Arthwys' story begins with Mar’s death, and Mar's uncle Garbanian the king of Bryneich taking the throne of Ebrauc, either as regent to the young Arthwys or possibly as a usurper.2 Once Arthwys becomes old enough to lead a warband for his uncle he proceeds to win his first victories, fighting the Gododdin, the Angles, and Alt Clut, with possibly a costly victory fighting the sons of Dyfnwal Hen of Alt Clut with his cousin Dyfnwal Moelmud (Garbanian’s son) at the Caledonian forest, leading to Geoffrey’s story of Archgallo wandering in the forest of Calaterium. Arthwys, now a battle hardened commander decides that the time has come to take his home back and wins a series of victories against his Uncle Garbanian, winning his rightful throne of Ebrauc back. Now a king of such renown to be known to Brythonic peoples across the island, he leads a coalition of kings to fight a large force of Germanic invaders at the battle of Badon, either at The Wrekin, possibly coming to Cadell of Powys’ aid, or maybe as far south as Liddington Castle, freeing Dumnonia from Saxon rule for 30 years. Ruling from Ebrauc during this Pax Arthuriana it seems that in a rare event, the power of a Brythonic Kingdom grew, while most were waning.
We can find this with the establishment of two kingdoms, Caer Wenddoleu, and Calchfynydd, that acted as buffer states for the kingdoms within Arthwys’ influence. Mar, Arthwys’ father is often given a number of other sons, Llenneac, Morydd, Einion, and sometimes Ceredic. Only Llenneac seems to have inherited territory as his descendants ruled the kingdom of Elmet. Morydd, Einion, and Ceredic's descendents do not seem associated with any particular kingdoms however. Einion's son Rhun the Wealthy had a daughter who married Maelgwn Gwynedd, but is not associated with any territory in particular. His epithet Ryfeddfawr, means ‘The Wealthy’, and with his daughter’s marriage to Maelgwn this could indicate fairly high status still. Einion may be remembered in Geoffrey of Monmouths work DGB, as a son of the aforementioned Arthgallo (a typical jumbling here seen with the other figures in Geoffrey’s narrative.)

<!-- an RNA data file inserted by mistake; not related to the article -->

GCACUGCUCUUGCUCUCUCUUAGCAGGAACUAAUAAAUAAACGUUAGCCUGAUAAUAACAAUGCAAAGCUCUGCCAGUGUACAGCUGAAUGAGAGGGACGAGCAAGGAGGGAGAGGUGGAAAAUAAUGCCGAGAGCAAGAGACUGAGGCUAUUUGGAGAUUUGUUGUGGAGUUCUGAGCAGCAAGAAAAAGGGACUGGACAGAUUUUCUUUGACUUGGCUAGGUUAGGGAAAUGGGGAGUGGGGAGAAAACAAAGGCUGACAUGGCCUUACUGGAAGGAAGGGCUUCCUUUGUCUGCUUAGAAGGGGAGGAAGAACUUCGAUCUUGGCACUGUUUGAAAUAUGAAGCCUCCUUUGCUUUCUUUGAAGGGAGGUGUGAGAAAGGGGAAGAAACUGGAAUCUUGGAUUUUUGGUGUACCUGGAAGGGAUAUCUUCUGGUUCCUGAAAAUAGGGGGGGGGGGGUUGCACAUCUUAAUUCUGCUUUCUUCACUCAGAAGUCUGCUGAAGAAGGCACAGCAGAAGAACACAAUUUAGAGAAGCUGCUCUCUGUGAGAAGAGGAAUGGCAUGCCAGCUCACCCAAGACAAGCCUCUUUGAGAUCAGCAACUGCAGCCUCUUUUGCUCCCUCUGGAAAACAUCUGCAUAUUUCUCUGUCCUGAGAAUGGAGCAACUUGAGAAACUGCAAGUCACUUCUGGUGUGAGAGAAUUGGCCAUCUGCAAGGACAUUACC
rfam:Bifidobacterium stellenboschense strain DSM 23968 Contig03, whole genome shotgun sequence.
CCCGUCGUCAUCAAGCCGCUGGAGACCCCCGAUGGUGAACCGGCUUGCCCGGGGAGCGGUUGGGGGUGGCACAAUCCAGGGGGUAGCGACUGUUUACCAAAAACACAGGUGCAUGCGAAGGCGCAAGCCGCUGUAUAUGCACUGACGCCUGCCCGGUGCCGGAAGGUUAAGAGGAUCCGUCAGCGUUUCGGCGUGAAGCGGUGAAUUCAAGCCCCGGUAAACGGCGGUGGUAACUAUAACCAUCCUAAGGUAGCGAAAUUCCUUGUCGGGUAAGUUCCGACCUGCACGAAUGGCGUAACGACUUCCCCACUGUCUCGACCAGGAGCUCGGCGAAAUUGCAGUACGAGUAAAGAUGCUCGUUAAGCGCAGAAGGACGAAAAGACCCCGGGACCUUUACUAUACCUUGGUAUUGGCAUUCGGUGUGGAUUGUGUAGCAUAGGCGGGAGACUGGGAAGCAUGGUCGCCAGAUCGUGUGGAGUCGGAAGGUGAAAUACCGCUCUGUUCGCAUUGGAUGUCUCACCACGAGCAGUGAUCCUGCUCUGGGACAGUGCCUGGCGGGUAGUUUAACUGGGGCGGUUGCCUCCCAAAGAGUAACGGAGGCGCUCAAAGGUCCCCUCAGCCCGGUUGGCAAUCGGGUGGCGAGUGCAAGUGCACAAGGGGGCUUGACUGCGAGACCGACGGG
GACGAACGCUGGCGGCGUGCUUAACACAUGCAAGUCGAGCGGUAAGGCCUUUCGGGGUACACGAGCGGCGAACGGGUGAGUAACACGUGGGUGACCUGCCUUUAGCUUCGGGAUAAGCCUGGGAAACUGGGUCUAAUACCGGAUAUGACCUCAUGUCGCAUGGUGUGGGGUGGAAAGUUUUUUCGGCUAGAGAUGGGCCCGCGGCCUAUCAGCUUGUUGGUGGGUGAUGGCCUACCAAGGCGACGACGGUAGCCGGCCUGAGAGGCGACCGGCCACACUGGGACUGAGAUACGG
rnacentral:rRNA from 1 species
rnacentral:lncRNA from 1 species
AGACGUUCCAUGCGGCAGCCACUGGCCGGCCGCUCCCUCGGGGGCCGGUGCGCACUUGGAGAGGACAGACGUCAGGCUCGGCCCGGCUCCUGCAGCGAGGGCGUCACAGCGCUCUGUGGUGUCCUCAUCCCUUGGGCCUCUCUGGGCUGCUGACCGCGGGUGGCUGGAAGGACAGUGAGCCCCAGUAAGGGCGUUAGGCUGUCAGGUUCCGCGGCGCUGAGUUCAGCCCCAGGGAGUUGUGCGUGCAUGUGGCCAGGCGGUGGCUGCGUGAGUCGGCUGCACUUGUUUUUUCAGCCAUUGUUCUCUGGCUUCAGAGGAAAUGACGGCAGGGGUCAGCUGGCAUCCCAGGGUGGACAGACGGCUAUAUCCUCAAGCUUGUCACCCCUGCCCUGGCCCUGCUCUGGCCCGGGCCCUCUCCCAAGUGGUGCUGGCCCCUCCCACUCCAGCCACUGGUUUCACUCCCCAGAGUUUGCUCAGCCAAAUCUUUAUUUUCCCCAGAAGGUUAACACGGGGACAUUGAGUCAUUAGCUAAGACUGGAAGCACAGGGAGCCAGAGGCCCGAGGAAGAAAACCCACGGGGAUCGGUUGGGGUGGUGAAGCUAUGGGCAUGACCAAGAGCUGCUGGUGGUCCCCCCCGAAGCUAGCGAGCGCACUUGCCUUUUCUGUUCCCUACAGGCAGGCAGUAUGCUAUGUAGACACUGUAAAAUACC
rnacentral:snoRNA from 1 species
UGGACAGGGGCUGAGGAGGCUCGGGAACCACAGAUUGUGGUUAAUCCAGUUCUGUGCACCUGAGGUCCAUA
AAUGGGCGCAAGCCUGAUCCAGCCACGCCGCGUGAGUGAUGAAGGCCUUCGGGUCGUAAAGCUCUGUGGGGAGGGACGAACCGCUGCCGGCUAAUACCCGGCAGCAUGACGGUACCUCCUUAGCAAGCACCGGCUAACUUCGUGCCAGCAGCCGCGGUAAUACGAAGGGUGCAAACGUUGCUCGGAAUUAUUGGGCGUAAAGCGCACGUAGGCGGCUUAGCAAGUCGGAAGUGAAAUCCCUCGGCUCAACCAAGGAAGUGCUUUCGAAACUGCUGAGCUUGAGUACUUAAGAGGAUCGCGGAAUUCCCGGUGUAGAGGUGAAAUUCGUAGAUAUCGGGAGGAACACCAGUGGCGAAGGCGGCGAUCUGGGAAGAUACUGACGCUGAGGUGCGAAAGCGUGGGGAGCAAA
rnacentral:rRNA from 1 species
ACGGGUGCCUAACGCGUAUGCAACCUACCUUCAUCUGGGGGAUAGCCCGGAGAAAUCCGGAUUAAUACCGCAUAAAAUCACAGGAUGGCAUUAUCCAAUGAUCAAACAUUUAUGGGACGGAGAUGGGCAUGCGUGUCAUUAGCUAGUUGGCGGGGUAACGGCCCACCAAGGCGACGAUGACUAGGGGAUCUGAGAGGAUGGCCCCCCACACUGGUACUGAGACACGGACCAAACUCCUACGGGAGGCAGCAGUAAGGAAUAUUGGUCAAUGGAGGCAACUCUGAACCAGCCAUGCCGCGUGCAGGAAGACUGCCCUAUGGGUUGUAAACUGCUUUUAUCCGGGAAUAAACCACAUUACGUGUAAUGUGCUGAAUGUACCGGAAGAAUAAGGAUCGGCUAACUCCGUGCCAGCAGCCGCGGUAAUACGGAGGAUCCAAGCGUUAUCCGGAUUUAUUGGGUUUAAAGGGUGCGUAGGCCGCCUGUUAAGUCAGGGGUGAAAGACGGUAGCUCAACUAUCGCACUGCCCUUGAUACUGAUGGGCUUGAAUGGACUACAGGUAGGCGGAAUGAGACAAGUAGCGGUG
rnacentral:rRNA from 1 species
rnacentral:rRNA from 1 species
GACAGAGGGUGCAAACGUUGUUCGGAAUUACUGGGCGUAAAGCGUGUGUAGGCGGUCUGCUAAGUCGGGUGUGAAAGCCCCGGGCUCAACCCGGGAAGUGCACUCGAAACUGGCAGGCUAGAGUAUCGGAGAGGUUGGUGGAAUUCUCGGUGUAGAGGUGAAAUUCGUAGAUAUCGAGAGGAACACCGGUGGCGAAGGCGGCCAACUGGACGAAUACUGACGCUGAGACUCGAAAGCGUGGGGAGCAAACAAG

To him succeeded Enniaunus, his brother, who took a contrary course, and in the sixth year of his reign was deposed, for having preferred a tyrannical to a just and legal administration.
Perhaps this is a memory of Einion ap Mar as a corrupt and ineffective king, explaining why his son Rhun did not inherit?
Morydd as well seems to lack inheritance, but his later descendant Myrddin3 Is associated heavily with one of these new northern kingdoms that arose in the early 6th century, Caer Wenddoleu. Myrddin is often cited as the advisor and bard for Caer Wenddoleu's eponymous king Gwenddoleu ap Ceidio. Myrddin and Gwenddoleu are both descendants of Coel, so how did one come to serve the other?
The answer I think is that these two kingdoms, Calchfynydd and Caer Wenddoleu were both established as kingdoms for Arthwys’ brothers to reign, serving a dual purpose, the first being to give them their unportioned part of inheritance, as only Arthwys and Llenneac received parts of their father’s original kingdom of Ebrauc, and the second to create buffers between the hostile northern kingdoms and the other Coeling kingdoms. Shortly after Badon, Arthwys found himself at odds with the northern chieftain Caw, the father of Heil, Cywllog and Gildas. After defeating Caw it was clear that a strong presence must be established on the border between the non-Coeling kingdoms of the north. Morydd, with his grandson’s association with Caer Wenddoleu may have been the first ruler of that kingdom, with Ceidio ap Arthwys even fostered there. Morydd may have had children later in life, and upon his death Ceidio could have taken the realm for his own. Einion may have had a similar situation in Calchfynydd with power transferring not from father to son, but from uncle to nephew. These kingdoms probably changed hands from Arthwys’ brothers to his sons around 537 the year of the battle of Camlann, with power centers around Kelso for Calchfynydd, and Carwinley for Caer Wenddoleu. This gives even more strength to the idea of Arthwys as an ‘Overking’ or High-King in the North.